I’m horrible at this writing thing. Time and time again I tell myself that I’m going to sit down and do it, just make a plan. 30 minutes a day, 10, 5, anything at all really! But no, I’ve been lazy, or busy, caught up in two jobs and studying and wishing that I could just have a break. None of that matters, because I’m writing now. I’ve had about a million ideas, but this one seemed really peachy, easy enough and brought on by genuine excitement (unlike most of my topic ideas that are brought on by rage). Quite often I find myself blurting out to a friend, family member, or the universe (on twitter) that I’m “smitten” with some person, place, or thing. More often than not it’s a book. It’s also been a podcast (The Whorecast), a song (1990’s Remix by Nova Rockafeller), and a skirt (worn by a woman I’m perpetually smitten over, Mindy Kaling). So, I thought, why not? Why not start a series of things I’m completely smitten over?
I first heard about Bad Feminist a few months ago via twitter, and I didn’t so much hear about it as I saw the title floating around a few of my friend’s tweets. I’m sad to say it took me this long to pick it up. I’m not quite sure what I expected. I’m not usually one for short stories or essays; and the thought of a book of essays about a “bad feminist” made my stomach churn and my brain do flips. Don’t we already label enough people with title of “bad feminist”? It’s constantly in the tabloids, this female celebrity or that calling themselves a feminist before doing xyz thing that the public (aka: person writing the piece) doesn’t agree with. Did we really need one more thing calling out what it means to be a feminist?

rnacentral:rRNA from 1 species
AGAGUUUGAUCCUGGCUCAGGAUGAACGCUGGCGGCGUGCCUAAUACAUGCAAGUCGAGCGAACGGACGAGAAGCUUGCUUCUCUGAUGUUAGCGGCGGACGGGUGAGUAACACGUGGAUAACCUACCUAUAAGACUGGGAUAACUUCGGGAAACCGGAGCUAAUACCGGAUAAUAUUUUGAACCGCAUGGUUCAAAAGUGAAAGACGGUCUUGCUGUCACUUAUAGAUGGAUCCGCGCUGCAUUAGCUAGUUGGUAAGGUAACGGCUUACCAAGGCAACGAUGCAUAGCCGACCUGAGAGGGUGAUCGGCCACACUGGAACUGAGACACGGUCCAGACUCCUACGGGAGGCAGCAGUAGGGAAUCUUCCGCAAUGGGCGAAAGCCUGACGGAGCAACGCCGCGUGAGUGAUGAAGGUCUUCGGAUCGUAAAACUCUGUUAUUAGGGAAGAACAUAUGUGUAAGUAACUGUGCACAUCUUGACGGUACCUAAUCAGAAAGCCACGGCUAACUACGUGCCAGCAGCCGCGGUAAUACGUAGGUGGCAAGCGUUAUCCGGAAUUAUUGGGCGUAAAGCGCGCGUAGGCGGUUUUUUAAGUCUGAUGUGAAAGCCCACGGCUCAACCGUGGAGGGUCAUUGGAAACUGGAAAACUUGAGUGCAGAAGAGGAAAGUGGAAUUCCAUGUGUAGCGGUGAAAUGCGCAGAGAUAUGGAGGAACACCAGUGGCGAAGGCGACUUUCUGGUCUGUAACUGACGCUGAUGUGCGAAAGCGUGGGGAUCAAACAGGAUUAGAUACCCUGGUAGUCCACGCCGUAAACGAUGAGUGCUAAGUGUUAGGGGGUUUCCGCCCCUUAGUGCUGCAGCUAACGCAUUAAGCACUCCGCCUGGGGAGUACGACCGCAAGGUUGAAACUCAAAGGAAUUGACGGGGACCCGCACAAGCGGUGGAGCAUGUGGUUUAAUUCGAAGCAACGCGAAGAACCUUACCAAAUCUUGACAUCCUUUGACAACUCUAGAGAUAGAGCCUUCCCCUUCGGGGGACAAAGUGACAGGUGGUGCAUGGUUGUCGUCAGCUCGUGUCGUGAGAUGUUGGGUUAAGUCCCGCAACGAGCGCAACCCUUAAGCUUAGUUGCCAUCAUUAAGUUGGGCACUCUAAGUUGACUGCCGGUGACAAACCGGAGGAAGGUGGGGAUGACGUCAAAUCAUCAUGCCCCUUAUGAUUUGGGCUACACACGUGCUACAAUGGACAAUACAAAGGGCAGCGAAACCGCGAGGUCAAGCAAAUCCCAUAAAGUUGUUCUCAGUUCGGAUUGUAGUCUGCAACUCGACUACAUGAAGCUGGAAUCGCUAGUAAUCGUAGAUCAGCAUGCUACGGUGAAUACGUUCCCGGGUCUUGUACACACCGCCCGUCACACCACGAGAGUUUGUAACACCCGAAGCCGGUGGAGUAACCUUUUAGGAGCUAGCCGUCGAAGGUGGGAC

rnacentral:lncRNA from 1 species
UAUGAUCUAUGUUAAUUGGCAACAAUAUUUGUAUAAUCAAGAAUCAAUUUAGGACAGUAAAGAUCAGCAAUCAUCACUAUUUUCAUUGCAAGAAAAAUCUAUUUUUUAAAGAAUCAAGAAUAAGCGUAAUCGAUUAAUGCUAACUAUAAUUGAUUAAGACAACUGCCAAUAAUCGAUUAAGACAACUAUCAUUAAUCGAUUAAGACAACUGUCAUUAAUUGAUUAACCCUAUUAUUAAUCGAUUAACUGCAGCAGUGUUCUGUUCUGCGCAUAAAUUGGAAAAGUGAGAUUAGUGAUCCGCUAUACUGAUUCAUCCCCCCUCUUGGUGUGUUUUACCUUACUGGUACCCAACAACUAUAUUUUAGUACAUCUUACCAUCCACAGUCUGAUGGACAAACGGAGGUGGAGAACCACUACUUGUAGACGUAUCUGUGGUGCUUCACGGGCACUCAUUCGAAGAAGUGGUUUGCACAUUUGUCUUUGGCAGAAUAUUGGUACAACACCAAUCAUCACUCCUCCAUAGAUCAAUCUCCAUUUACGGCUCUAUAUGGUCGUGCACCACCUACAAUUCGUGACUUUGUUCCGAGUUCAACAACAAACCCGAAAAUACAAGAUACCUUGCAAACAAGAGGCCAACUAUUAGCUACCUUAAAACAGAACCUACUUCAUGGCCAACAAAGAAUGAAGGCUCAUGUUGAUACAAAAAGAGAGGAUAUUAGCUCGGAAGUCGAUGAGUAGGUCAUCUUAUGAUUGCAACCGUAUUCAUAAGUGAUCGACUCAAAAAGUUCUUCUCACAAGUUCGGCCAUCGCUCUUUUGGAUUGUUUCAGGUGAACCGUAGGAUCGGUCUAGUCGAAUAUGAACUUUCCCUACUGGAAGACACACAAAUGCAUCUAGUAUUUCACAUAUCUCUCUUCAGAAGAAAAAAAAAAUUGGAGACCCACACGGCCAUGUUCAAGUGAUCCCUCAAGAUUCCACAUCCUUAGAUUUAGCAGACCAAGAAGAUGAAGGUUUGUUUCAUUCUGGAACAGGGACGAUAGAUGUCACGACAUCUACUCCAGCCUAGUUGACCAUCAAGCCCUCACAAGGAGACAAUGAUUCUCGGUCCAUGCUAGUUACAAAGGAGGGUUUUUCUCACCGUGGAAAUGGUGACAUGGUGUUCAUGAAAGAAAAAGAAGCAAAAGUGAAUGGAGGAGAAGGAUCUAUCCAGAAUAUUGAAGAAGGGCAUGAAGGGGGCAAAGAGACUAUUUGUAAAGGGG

But I was wrong.
I was wrong on so many levels that I feel the need to apologize right now. I’m sorry. I’m sorry for not reading up on this book, for not picking it up sooner, for not giving it the time or at least thinking that not everyone is quick to point out the flaws that make someone a “bad feminist.” I was wrong in assuming that this book wasn’t powerful and honest, that this book didn’t embrace the flaws that make us human and feminists.
Now, I’m going to admit that I’m only about 25 percent finished with this book (at least, that’s what my kindle says), but who cares. So far it’s made me laugh, made me think, turned me on to new books, new ideas, new people. It’s made me proud to be called a feminist with flaws, a bad feminist if you will.
I’d never heard of Roxane Gay before today, but it continues to amaze me how often I find myself nodding along to her words. I can’t speak highly enough about this book, and I’m sure that the next few chapters will not disappoint.